The word “totem” was and is still used by the Pacific Northwest first nations tribes of America.
The word itself derives from Ojibwe (Chippewa) word odoodem, which roughly translates to “his kinship group”. Totems are representations of spirit beings or a symbol of a particular group of people, such as a family, clan, lineage, or tribe. They are sacred objects.
The term “totem” has been “stolen” by many of the New-age and Pagan communities who have either no involved in it’s tribal practices or uses it’s meaning improperly as a term for their personal spirit or guide. Partly this is due to it being often used in scholarly circles as an umbrella term. Which is used to describe the belief in guardian spirits and deities of the indigenous peoples of America, Africa, Asia, Australia, and Europe. However, these cultures have their own words for guardian spirits in their own languages, and do not call these spirits, “totems”.
I feel that because the word is both misused and continues to be a part of a “living culture” it can be considered cultural appropriation. However, the associated practice of using guardian spirits or certain tribal meanings is not.
Another tribal phrase that gets under my skin that is often used in the New-age and Pagan communities is Aho! Again, here we see another tribal word misused from a “living culture”. I am unsure whether or not it has been “borrowed” or “stolen” due to the open use within the powwow circuits and the open teachings of many Lokata members. The word itself originates from the language of the Lakota people where it means “hello”. It can also be found in the Kiowa and Cherokee tribes, but its use is entirely different. The use of this term has been adopted and wrongly used by many within the New-age and Pagan communities, where it is often used to indicate agreement. I see it as a complete disrespect to the “living culture” of the Lakota people.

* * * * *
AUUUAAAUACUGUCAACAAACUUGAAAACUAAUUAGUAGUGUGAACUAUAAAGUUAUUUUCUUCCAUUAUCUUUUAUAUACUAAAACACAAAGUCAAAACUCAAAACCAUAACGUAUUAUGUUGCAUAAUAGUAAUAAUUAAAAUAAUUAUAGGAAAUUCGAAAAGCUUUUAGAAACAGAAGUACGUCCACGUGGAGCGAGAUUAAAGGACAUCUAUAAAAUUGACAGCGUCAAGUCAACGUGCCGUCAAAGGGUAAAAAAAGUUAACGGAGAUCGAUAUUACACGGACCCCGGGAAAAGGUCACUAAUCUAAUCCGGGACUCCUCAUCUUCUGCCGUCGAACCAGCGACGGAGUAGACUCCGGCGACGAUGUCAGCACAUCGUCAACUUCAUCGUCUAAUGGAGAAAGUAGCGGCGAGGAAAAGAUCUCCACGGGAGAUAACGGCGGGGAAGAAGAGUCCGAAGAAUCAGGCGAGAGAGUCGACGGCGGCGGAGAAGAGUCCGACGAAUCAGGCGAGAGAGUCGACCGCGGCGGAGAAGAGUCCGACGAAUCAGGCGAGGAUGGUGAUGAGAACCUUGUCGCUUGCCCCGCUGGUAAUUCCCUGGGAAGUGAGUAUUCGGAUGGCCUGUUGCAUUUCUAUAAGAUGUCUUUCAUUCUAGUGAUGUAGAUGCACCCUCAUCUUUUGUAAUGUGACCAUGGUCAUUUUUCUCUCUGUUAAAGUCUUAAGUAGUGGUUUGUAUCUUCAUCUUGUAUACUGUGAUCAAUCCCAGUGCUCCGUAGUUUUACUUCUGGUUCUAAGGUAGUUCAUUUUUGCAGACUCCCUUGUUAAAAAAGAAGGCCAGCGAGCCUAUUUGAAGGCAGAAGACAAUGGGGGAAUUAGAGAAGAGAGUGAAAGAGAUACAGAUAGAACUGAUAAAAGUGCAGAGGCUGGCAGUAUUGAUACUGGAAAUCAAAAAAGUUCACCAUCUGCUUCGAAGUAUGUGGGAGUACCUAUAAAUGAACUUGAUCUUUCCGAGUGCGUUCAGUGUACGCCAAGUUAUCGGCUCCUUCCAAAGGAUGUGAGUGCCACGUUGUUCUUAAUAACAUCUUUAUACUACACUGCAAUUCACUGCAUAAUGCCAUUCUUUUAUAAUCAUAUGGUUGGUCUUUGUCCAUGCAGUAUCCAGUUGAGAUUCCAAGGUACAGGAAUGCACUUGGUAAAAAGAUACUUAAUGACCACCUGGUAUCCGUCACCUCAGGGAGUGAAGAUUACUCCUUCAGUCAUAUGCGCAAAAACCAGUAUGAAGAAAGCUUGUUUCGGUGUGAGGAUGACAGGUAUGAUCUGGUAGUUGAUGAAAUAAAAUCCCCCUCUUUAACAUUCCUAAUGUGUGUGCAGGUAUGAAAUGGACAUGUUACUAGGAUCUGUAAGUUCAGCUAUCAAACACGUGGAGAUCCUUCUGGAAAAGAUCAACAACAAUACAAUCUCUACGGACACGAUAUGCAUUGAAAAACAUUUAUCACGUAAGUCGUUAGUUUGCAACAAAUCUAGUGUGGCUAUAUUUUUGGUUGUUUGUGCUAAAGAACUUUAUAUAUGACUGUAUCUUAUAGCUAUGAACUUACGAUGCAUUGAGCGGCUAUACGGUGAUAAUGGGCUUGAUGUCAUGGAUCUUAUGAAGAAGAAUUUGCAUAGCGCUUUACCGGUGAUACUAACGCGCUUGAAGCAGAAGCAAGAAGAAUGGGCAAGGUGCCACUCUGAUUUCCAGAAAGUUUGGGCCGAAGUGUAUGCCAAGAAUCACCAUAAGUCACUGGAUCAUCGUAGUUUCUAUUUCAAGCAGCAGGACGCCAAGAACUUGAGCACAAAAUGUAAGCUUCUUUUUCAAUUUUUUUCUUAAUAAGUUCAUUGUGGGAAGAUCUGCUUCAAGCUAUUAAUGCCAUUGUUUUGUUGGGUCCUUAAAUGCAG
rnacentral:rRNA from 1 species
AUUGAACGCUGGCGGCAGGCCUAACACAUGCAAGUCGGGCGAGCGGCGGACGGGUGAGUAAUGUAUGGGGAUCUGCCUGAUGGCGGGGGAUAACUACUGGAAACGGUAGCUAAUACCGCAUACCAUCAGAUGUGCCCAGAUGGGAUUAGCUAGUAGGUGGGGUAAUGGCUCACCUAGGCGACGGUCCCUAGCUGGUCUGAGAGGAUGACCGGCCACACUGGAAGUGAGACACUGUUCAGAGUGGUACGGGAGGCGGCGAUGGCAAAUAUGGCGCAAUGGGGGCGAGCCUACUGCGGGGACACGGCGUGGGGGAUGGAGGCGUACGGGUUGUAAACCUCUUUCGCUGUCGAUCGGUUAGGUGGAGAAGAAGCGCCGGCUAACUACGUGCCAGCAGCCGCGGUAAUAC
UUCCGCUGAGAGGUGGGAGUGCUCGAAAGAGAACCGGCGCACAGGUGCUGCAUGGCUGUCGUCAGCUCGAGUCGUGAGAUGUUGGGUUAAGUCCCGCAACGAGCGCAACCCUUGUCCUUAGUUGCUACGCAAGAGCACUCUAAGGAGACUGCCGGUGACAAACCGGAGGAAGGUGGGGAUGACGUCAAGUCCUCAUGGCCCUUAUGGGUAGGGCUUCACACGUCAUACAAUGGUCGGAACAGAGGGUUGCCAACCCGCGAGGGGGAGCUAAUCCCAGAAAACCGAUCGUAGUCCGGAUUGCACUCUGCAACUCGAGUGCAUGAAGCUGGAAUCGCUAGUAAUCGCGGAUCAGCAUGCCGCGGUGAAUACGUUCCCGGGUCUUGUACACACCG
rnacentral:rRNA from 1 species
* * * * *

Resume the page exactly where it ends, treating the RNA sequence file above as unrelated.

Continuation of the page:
So how far does respecting one’s spiritual beliefs go when there is an apparent appropriation of a living culture. Honestly, because of our underlining creed that we should respect everyone’s spiritual beliefs, those who use the term improperly can be shown respect by educating them on its cultural meaning. Even if they disagree, you have done your part in respecting the “living culture”.
This model of respect can be utilized for any element that is misused or appropriated from a “living culture”. Making sure you have the knowledge yourself, of course, and remember that extending this knowledge to others should be done in a respectful manner.